While he hasn’t lost his mordant wit or sense of mischief, Beverly Hills John finds Waters in a more reflective mood, asking the question: ‘Since celebrity is the only obscenity left in the art world, where do I fit in?’ He also hopes to resolve issues about childhood fame, false glamour, the horrors of nouveau-riche excess, his ongoing sexual attractions and the possible risk of ‘careericide’ with dignity.
After decades of flouting cinematic conventions with movies such as Pink Flamingos (1972) and Hairspray (1988), Waters embarked on his photo-based work in the early 1990s. He might start a work by taking a group of snapshots while watching a movie, often off a TV. He renders these into storyboard-like sequences, transforming favourite or forgotten films into what he calls ‘little movies’. These playful acts of appropriation and juxtaposition create condensed stories or testimonies that never hesitate to revel in the crudest possible taste, while setting off a range of possible new meanings.
In the main gallery, Shoulda! (2014) depicts, in classic exploitation movie tradition, the faces of five famous women, from Whitney Houston to Amy Winehouse, with Princess Diana in the middle. On the left, looming like the title treatment of a B-movie, we see ‘She Shoulda Said NO!’ Whose voice provides this late notice, tinged with gossip and indignation? Showing these tragic female figures accompanied by a kind of vox-pop sermon, Waters creates a mood between sympathy and sacrilege. Yet sometimes a single image is alarming enough. Beverly Hills John (2012), the work from which the show derives its title, shows the artist as a freakish product of plastic surgery, with cheekbones like giant fungi, bulging lips and a lustrous carpet of copper hair. Despite the grotesquerie, the transformation is almost believable. When he applies the same principle to Hollywood’s most lovable pooch in Reconstructed Lassie (2012), the result is downright bizarre. But when we see the face of Justin Bieber all smooth and bloated with silicone in Justin’s Had Work (2012), our credulity is challenged once again.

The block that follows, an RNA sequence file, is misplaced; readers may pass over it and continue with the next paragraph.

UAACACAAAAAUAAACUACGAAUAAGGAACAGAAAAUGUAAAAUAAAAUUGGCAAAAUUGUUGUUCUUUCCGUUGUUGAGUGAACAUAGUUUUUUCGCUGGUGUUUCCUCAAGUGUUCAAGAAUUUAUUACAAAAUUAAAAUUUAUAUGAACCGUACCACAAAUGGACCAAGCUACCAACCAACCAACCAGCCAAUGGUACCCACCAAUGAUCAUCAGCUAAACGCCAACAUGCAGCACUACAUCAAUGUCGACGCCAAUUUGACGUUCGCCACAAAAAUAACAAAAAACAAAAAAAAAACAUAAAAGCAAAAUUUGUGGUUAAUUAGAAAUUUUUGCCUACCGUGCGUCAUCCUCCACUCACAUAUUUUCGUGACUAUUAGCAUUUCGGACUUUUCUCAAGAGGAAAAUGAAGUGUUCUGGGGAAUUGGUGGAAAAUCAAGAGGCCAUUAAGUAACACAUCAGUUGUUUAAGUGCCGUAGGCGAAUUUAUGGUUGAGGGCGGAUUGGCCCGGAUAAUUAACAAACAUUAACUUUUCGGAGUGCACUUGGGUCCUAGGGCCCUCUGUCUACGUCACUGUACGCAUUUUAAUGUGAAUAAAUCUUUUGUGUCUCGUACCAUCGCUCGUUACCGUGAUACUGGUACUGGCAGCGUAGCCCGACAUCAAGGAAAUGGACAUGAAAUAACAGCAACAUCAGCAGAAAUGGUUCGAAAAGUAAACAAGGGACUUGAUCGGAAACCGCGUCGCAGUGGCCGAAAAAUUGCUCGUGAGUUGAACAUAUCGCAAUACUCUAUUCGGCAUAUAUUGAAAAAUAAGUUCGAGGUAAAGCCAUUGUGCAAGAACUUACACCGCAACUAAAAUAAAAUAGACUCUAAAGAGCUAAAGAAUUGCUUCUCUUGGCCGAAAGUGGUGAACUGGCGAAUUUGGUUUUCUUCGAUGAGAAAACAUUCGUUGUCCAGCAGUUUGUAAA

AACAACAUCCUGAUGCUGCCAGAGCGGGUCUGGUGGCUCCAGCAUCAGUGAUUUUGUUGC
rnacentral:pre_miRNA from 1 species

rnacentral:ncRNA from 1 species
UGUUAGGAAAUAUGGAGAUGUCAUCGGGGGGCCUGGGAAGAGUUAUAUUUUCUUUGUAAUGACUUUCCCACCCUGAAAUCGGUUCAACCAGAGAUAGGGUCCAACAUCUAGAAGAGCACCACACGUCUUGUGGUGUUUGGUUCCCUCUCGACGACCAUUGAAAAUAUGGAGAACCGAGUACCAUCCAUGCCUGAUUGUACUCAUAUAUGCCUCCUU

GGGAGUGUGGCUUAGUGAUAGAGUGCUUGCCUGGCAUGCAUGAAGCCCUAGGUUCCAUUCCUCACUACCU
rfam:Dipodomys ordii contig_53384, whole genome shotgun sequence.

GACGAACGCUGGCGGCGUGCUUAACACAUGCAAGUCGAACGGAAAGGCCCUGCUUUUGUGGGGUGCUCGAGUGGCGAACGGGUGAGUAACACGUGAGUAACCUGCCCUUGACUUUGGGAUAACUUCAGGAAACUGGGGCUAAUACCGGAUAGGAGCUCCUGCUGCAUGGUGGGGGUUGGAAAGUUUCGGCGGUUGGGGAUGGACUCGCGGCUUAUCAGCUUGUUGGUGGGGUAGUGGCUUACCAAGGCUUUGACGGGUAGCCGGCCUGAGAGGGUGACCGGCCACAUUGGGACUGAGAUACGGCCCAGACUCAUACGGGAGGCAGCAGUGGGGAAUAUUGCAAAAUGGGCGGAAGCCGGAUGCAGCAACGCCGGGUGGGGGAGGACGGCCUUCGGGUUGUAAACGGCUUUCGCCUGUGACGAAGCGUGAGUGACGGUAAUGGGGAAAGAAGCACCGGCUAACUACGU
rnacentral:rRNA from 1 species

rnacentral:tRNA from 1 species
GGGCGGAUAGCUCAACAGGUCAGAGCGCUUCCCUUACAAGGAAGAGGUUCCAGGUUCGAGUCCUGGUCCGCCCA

Waters excels at striking a balance between brutality and humour, defamation and care. Grim Reaper (2014) shows President John F. Kennedy and his wife, Jackie, descending from Air Force One at the height of their pomp and popularity. Hot on their heels, however, is the figure of Death from Ingmar Bergman’s The Seventh Seal (1957). If Grim Reaper offers an irreverent take on the traditional memento mori, Cancel Ansel (2014) is ghastlier. The grid of doctored Ansel Adams black-and-white photos show, among other things, a giant cruise ship ploughing through a lake in Yosemite National Park, a high-rise apartment block obscuring the view of a waterfall and a sinister-looking clown flipping off the viewer from behind an evergreen tree. The brutish forces of Waters’ modernity have invaded the American west, defiling its untouched nature. But what, exactly, is being parodied here? The dreams of a more innocent era or what was once considered fine art photography? Innocence is almost restored with Kiddie Flamingos (2015), a 74-minute video based on Waters’ cult film Pink Flamingos (1972). Rewritten as a children’s movie with an all-kid cast performing a table-read of the purposely censored script, it’s almost as if these kids were just doing their homework. Waters hopes that this defanged and desexualized sequel is yet more perverse than the original.
John Waters lives and works in Baltimore, Maryland. He has had numerous solo exhibitions, including a retrospective, John Waters: Change of Life, at the New Museum, New York (2004) and, most recently, at the Marianne Boesky Gallery, New York (2015). In August of this year, Kunsthaus Zurich will present How Much Can You Take?, featuring 39 works donated by Matthias Brunner. In September 2015, the BFI Southbank, will host a month-long retrospective of the director’s films entitled It Isn’t Very Pretty...The Complete Films of John Waters (Every Goddam One of Them...).
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